Sherlock Holmes is an unparalleled genius who uses the gift of deduction and reason to solve the most vexing of crimes.
Warlock Holmes, however, is an idiot. A good man, perhaps; a font of arcane power, certainly. But he’s brilliantly dim. Frankly, he couldn’t deduce his way out of a paper bag. The only thing he has really got going for him are the might of a thousand demons and his stalwart flatmate. Thankfully, Dr. Watson is always there to aid him through the treacherous shoals of Victorian propriety… and save him from a gruesome death every now and again.
An imaginative, irreverent and addictive reimagining of the world’s favourite detective, Warlock Holmes retains the charm, tone and feel of the original stories by Sir Arthur Conan Doyle while finally giving the flat at 221b Baker Street what it’s been missing for all these years: an alchemy table.
Reimagining six stories, this riotous mash-up is a glorious new take on the ever-popular Sherlock Holmes myth, featuring the vampire Inspector Vladislav Lestrade, the ogre Inspector Torg Grogsson, and Dr. Watson, the true detective at 221b. And Sherlock. A warlock.
I love Sherlock Holmes! I love the Robert Downey, Jr. movies, the BBC show, Elementary. All of it. But, I have a confession. I’ve never even read the original books! I know! I need to read them. I want to read them. But instead I read Warlock Holmes! Forget the Sherlock Holmes you know and love and make room on your bookshelf for Warlock Holmes. Where Sherlock is brilliant and able to deduce the most minuscule details from seemingly nothing, Warlock Holmes fails miserably. He does, however have the power of demons behind him. His new roommate John Watson has to help him time and time again from letting his powers be revealed to the general public. Delightfully witty, this book is great for any Sherlock fan. Quirky, funny, and clever are all excellent words to describe this quick read. The book is divided into several cases that Warlock and Watson must solve, to assist the real Scotland Yard detectives, Lestrade (a vampire) and Grogsson (an ogre.) If they can’t solve the cases, they risk being incriminated themselves, because of their oddities. I would definitely keep reading this series if they release more books.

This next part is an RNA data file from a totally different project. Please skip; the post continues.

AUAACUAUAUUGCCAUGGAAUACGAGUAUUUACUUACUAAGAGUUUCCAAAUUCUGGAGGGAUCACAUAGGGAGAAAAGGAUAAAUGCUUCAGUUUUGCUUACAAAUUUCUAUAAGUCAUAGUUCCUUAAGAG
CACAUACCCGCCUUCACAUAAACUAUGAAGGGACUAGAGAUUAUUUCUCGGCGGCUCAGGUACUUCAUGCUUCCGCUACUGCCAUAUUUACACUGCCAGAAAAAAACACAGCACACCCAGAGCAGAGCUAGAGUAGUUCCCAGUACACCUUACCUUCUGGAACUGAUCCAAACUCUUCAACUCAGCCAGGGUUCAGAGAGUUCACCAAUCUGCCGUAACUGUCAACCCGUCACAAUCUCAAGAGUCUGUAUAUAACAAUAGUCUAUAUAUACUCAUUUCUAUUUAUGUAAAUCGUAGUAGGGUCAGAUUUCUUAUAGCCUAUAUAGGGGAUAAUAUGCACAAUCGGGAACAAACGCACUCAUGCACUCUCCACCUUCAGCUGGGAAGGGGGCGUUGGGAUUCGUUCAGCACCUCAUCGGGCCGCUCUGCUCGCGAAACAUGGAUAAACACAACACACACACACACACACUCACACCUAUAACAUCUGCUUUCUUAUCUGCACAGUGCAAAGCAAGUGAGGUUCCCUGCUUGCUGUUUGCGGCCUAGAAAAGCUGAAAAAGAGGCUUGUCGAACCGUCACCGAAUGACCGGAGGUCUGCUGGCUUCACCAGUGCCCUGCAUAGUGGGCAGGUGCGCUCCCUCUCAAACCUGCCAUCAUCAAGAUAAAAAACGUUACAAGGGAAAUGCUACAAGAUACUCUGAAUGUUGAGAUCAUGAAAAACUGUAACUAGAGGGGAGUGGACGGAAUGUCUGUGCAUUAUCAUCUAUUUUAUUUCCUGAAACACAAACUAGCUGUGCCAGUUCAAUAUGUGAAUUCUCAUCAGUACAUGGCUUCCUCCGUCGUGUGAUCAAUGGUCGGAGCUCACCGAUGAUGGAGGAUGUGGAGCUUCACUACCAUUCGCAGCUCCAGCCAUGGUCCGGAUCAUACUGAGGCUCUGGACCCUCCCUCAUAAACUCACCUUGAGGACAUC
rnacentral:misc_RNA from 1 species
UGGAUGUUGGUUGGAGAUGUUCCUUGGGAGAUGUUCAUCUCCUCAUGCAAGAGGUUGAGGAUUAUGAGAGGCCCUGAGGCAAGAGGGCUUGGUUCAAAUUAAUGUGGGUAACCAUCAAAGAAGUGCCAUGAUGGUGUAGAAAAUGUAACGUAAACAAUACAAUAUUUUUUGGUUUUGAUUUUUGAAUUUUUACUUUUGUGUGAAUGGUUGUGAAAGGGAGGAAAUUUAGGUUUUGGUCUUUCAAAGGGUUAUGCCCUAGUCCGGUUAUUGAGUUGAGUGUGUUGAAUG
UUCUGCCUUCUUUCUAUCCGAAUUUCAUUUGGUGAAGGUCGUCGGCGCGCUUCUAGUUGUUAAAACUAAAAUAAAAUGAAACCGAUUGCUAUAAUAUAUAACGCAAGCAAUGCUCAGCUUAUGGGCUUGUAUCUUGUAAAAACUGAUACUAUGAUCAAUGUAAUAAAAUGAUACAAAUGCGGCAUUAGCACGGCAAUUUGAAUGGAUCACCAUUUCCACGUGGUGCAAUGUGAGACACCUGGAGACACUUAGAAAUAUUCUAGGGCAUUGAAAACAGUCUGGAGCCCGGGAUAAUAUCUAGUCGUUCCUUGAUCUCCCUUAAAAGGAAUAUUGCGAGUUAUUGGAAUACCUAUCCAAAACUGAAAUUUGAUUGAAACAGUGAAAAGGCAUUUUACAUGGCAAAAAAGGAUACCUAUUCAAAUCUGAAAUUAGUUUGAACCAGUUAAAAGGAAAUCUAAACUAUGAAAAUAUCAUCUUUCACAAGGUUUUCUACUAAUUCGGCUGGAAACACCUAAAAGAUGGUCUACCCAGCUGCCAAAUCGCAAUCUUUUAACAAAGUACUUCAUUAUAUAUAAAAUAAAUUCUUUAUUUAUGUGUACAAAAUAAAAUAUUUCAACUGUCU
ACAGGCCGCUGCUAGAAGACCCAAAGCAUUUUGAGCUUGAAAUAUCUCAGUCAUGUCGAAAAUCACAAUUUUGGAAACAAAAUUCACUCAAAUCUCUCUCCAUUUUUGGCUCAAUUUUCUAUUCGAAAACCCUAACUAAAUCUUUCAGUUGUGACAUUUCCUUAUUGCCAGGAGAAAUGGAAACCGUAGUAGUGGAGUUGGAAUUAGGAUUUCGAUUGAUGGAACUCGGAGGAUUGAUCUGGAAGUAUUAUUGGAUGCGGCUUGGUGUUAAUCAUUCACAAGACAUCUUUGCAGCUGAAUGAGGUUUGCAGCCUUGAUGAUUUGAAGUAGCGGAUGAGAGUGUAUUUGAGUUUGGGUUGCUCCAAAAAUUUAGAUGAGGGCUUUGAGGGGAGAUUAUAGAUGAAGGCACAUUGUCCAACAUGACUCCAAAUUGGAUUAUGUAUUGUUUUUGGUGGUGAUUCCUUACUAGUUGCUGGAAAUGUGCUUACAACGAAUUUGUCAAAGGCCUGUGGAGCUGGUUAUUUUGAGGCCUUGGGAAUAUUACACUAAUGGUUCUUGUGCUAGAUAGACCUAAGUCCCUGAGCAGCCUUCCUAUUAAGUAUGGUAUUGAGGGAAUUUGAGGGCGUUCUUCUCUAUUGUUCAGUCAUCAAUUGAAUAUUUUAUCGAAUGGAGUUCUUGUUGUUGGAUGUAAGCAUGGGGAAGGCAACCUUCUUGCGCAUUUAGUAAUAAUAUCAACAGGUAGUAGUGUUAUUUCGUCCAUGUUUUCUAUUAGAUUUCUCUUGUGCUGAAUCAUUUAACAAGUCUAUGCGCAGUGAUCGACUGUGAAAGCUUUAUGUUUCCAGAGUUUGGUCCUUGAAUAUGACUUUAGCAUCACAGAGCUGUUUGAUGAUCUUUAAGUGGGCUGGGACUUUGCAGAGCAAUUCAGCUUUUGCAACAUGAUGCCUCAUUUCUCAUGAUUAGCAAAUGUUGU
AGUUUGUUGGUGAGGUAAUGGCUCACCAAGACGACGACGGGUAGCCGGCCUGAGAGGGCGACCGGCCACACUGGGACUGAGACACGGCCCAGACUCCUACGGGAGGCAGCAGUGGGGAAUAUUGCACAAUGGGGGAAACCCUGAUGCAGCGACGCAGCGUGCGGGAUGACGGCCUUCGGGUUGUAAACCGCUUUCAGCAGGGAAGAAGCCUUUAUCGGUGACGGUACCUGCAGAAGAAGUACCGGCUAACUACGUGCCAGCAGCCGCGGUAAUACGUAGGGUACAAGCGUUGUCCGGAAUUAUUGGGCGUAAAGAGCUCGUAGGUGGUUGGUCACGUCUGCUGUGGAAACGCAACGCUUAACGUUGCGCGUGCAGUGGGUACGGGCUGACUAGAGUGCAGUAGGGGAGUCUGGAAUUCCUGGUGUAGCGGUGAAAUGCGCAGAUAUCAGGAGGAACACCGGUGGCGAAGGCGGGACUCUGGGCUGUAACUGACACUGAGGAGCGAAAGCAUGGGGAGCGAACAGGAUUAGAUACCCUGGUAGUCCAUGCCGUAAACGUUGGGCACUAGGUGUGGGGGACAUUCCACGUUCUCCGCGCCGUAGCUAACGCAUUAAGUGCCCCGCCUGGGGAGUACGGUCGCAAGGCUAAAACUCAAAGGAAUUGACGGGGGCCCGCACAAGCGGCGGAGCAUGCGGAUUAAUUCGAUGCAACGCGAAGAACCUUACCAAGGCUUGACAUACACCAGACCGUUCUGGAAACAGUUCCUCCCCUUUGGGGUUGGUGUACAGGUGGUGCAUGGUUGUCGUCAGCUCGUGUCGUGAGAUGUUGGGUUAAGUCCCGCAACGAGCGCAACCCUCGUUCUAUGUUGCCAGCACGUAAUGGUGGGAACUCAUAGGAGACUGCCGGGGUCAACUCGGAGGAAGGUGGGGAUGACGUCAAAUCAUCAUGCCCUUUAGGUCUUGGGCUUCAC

PS: What do you think of this take on Sherlock Holmes?